International students are among the most overlooked sources of Canadian economic prosperity.
In 2018, the penultimate of the pre-pandemic years, international students enrolled in Canadian colleges and universities contributed $22 billion to the economy. And their education has supported about 218,000 jobs, according to a recent RBC Economics report.
Today, immigrants in general and international students in particular are heavily relied upon to sustain Canada’s economic success at a time when skilled labor shortages are expected to last into the end of the decade.
But progress for international students is hampered by a maze of elaborate requirements for obtaining residency status, certification by professional credentialing bodies and internships to gain crucial early work experience.
International students are exhausted by this long process, which can take years. And potential employers are not equipped to manage this range on their behalf.
There is also a mismatch between the skills offered by Canadian schools and those sought by employers. This results from a lack of sufficient coordination between governments, education systems and employers.
And employers, both public and private, have only begun to offer international students short-term internships and long-term jobs that would entice them to stay in Canada.
Ultimately, we risk losing the world’s best and brightest students to other countries in today’s fierce global competition for talent.
This escalating competition is driven by labor shortages and shrinking working-age populations in major Western economies as well as China.
Britain, the United States, Australia and China, which Canada relies on as one of our top three source countries for immigrants, have all stepped up incentives to attract and retain international students.
The pool of international students is surprisingly small. There are less than five million international students in the world today, and this is expected to grow to only around seven million by 2030.
We even risk losing international students who have chosen Canada but who must fight to obtain permanent residence.
Many are also afflicted by a long-running phenomenon recently dubbed “brain waste” that sees college-educated workers from abroad relegated to unfulfilling, low-paying jobs below their level of ability.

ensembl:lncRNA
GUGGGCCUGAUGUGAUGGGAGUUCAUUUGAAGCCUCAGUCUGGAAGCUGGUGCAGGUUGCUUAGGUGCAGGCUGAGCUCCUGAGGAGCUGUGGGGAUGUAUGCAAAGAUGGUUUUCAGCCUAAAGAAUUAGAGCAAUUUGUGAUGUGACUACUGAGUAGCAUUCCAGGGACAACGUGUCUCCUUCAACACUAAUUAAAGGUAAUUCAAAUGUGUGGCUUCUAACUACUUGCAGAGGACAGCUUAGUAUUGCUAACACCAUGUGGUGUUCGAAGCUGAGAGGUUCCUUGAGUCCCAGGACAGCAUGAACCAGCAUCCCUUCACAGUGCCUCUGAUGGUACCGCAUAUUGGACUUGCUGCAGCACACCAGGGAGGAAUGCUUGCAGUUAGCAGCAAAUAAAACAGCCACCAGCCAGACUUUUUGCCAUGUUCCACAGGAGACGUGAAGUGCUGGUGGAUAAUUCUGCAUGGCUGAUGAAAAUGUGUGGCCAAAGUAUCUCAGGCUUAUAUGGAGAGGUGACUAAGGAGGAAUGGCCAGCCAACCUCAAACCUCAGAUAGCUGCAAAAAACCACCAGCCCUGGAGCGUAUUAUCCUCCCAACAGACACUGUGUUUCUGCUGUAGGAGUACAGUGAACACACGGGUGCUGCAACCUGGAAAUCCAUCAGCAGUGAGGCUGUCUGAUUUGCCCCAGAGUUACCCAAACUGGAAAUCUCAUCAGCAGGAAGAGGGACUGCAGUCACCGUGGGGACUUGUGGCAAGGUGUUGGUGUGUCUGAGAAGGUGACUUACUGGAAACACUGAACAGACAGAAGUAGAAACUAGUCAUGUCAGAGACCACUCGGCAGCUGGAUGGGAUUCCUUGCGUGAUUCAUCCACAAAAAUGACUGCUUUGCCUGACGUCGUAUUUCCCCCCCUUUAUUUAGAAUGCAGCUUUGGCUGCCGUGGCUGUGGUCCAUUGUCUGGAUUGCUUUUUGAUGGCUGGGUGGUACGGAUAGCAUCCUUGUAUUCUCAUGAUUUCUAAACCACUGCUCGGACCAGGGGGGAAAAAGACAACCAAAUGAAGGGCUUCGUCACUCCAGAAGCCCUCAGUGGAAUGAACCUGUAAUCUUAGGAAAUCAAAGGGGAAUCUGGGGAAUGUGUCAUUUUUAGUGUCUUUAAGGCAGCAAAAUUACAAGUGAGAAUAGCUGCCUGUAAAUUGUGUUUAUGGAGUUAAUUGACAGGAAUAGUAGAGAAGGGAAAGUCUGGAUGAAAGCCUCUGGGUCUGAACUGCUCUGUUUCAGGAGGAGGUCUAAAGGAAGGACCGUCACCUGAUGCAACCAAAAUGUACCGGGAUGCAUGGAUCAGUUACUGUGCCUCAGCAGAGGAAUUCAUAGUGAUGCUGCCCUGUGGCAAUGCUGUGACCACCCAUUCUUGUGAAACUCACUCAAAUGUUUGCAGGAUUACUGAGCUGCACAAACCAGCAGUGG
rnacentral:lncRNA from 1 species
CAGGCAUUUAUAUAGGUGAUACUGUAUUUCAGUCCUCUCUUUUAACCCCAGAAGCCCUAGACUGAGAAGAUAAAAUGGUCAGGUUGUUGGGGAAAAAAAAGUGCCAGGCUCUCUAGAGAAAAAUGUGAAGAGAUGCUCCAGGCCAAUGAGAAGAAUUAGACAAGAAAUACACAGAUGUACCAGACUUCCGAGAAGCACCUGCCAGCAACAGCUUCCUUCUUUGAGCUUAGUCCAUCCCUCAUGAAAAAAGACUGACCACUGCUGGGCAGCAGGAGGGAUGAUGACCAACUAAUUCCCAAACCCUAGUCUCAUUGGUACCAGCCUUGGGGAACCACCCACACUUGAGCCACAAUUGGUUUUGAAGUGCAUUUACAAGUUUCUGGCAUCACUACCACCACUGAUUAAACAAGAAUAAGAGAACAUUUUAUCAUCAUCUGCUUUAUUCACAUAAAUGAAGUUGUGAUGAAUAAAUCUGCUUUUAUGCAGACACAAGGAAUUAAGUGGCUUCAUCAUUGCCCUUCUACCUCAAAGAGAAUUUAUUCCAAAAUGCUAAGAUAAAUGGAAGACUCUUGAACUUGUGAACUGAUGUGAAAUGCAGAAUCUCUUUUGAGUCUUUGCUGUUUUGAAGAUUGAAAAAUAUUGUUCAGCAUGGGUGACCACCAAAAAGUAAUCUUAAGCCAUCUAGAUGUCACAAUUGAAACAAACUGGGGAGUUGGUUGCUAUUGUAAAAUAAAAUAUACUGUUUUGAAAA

Statistics Canada data from 2016, the most recent available, revealed that about 60% of Canadian immigrants worked in jobs that did not require a university degree. This compares to a rate of about 40% for their Canadian-born peers.
By Scotiabank calculation in a recent report on needed immigration reform, this reality explains a “wage penalty” for newly arrived college-educated immigrants that equates to an average salary $21,000 less than their Canadian-born counterparts.
“Difficulty navigating a complex system adds to stress for (international) students and could deter many students from pursuing their Canadian dream,” say RBC Report authors Ben Richardson and Yadullah Hussain.
“The perception of a complex and bureaucratic immigration system can influence their decision to stay in Canada.
“These are costly duds for a Canada that needs a steady pipeline of skilled citizens to ensure its continued prosperity.”
The good news is that Canada ranks third in attracting international students, behind only the United States and Australia, and having overtaken the United Kingdom.
“Canada is a powerhouse of international education,” say the RBC authors. This claim is based on the country’s immigrant-friendly reputation and top-notch schools.
And Canadian newcomers are rich in the skills required by the 21st century knowledge economy.
International students are twice as likely as their domestic peers to study engineering and 2.5 times more likely to enroll in math and computer science.
But due to the mismatch between skills and the labor market, international students are underrepresented in healthcare; many vocations of education, trades and services; and in “green jobs” to fight the climate crisis. RBC estimates that Canada will need about 400,000 green jobs by 2050.
Today’s most urgent calls for reform of the immigration system may come even more from corporations than from traditional immigrant advocacy groups.
Among the G-7 economies, Canada has long lagged in productivity growth. Companies are particularly alert to the potential of highly skilled immigrants to help reverse the burden on Canadians’ standard of living.
Business can also relate to the risk-reward decision that international students must make in choosing Canada for their studies and then choosing to stay there. The company makes the same calculation in all its decision-making.
And Canadian companies, with a cash reserve which RBC estimates at around one-third of Canadian GDP – a legacy of pandemic corporate cash hoarding – can make the capital investments necessary to achieve the full utilization of highly skilled, domestic and international workers.
“There will be increasing competition for highly educated and mobile young talent as workplaces age globally,” Scotiabank warns in its recent call for immigration reform.
“They will go where their talent is best recognized and appropriately rewarded.”
Let that destination be Canada.